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What is a 'fake elector'? Jan 6 committee explains how to 'steal' a vote

Bruno Cooke June 23, 2022
what is a fake elector
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The select committee investigating the events of 6 January 2021 are into their fifth day of hearings but one of Tuesday’s revelations, regarding so-called “fake electors”, is still piquing people’s interest.

The United States house select committee was formed on 1 July 2021 and is led by Bennie Thompson (Democrat) and Liz Cheney (Republican).

By May 2022, it had interviewed more than 1,000 people. Public hearings have been taking place since 9 June, and are ongoing.

On 21 June, the committee unveiled a video of its investigation into what members of the committee refer to variously as “fake electors”, “alternate electors” and “contingent electors” – but what are they and how would a so-called “fake elector” scheme work?

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Rep Adam Schiff introduces Jan 6 committee video regarding what he calls ‘fake elector’ scheme

On Tuesday, 21 June 2022, Adam Schiff introduced listeners to the January 6 committee’s investigation into what he called “fake electors”.

“In this next segment,” he said, “you’ll hear how president Trump and his campaign were directly involved in advancing and co-ordinating the plot to replace legitimate Biden electors with fake electors not chosen by the voters.

“You’ll how hear this campaign convinced these fake electors to cast and submit their votes through fake certificates telling them their votes would only be used in the event president Trump won his legal challenges.

“Yet when the president lost those legal challenges, when courts rejected them as frivolous and without merit, the fake elector scheme continued.”

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Investigative counsel Casey Lucier discusses lawyer Kenneth Chesebro and ‘fake elector’ scheme

At the beginning of the video, investigative counsel Casey Lucier says the select committee “received testimony that those close to president Trump began planning to organise fake electors for Trump in states that Biden won in the weeks after the election”.

She also introduces Kenneth Chesebro, who went to Harvard Law School after studying communication at Northwestern University.

He’s been an appellate attorney since 1987 – almost 35 years – and specialises in cases “against corporate defendants”.

Former president Donald Trump’s White House counsel’s office apparently declared the “fake elector” plan to be “not legally sound”.

What is a ‘fake elector’ and how would the scheme have worked?

It’s important to stress at this stage that the committee hasn’t yet arrived at a verdict on whether or not Trump’s team is guilty of using – or plotting to use – “fake electors”. 

Photo by Chip Somodevilla/Getty Images

The idea of a “fake elector” rests on the Electoral College system. In the US, citizens don’t cast votes directly for presidential candidates – the president and vice-president are both elected by the Electoral College.

In the US there are currently 538 electors. This number comprises 435 representatives, 100 senators and three electors from Washington DC.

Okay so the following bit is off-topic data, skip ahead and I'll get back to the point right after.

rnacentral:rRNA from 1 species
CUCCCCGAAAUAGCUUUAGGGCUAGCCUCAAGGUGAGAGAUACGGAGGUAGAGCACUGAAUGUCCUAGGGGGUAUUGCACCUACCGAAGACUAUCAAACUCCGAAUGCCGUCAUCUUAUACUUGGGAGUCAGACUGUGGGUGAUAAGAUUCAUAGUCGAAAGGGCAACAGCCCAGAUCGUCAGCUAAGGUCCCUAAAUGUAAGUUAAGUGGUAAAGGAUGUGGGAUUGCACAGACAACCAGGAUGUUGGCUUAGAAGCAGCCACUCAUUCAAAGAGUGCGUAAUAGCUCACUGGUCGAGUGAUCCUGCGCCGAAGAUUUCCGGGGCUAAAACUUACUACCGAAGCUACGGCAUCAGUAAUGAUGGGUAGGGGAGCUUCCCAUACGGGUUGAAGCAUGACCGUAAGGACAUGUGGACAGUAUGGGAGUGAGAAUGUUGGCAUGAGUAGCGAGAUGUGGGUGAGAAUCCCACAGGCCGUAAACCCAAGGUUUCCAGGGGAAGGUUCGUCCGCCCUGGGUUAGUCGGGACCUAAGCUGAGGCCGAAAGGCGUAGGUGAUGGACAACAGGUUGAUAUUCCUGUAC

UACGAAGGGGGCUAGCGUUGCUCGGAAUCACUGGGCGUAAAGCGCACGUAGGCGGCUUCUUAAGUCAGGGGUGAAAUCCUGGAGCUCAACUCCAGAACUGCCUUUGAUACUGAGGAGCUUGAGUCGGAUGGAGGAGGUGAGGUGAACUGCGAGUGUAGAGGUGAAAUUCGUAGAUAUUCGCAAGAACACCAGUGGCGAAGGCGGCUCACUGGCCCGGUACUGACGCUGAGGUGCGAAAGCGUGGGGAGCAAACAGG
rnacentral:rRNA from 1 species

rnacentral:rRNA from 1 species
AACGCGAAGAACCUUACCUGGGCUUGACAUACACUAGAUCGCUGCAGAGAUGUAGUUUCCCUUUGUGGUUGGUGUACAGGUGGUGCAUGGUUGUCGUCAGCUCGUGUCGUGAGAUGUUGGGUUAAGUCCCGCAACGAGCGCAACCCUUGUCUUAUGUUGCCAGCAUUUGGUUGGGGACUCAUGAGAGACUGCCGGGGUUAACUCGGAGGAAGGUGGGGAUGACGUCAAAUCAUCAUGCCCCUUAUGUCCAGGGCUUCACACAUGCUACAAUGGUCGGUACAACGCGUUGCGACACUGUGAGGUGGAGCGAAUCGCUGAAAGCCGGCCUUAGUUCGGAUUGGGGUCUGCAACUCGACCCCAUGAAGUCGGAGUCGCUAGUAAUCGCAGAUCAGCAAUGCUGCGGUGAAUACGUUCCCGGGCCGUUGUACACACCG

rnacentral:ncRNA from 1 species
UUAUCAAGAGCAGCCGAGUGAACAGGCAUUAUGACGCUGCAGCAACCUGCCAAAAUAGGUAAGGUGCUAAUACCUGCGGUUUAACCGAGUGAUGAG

You vote for your elector – your congressperson, your senator – and they pledge their support for a particular president. The system in the UK is similar: the electorate votes for their local MP; MPs elect party leaders.

What was the logic behind the alleged plot?

According to Casey Lucier’s summary of the “fake elector” plan, the select committee heard testimony that Trump lawyer Kenneth Chesebro wrote a memo “arguing that the Trump campaign should organise its own electors in the swing states that president Trump had lost”. 

Cassidy Hutchinson, former aide to then-White House chief of staff Mark Meadows, was among those testifying about plans to organise “alternate electors”. Republican national committee chairwoman Ronna Romney McDaniel also calls them “contingent electors”. 

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The idea, according to the select committee’s investigation, was if Trump’s legal challenges regarding the election proved successful, the RNC would have “contingent” (or “fake”/“alternate” depending on who you listen to) electors ready to replace those found to be unelected.

Trump’s legal challenges weren’t successful. “Ultimately,” however, Casey Lucier says, “fake electors did meet on 14 December 2020 in Arizona, Georgia, Michigan, Pennsylvania, New Mexico, Nevada and Wisconsin.”

“The electors from these battleground states signed documents falsely asserting they were the ‘duly elected’ electors from their state,” claims the committee. They even submitted them to the national archives. You can see some of the fake certificates in the January 6 committee’s video below – skip to 7:30.

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Bruno is a novelist, amateur screenwriter and journalist with interests in digital media, storytelling, film and politics. He’s lived in France, China, Sri Lanka and the Philippines, but returned to the UK for a degree (and because of the pandemic) in 2020. His articles have appeared in Groundviews, Forge Press and The Friday Poem, and most are readable on Medium or onurbicycle.com.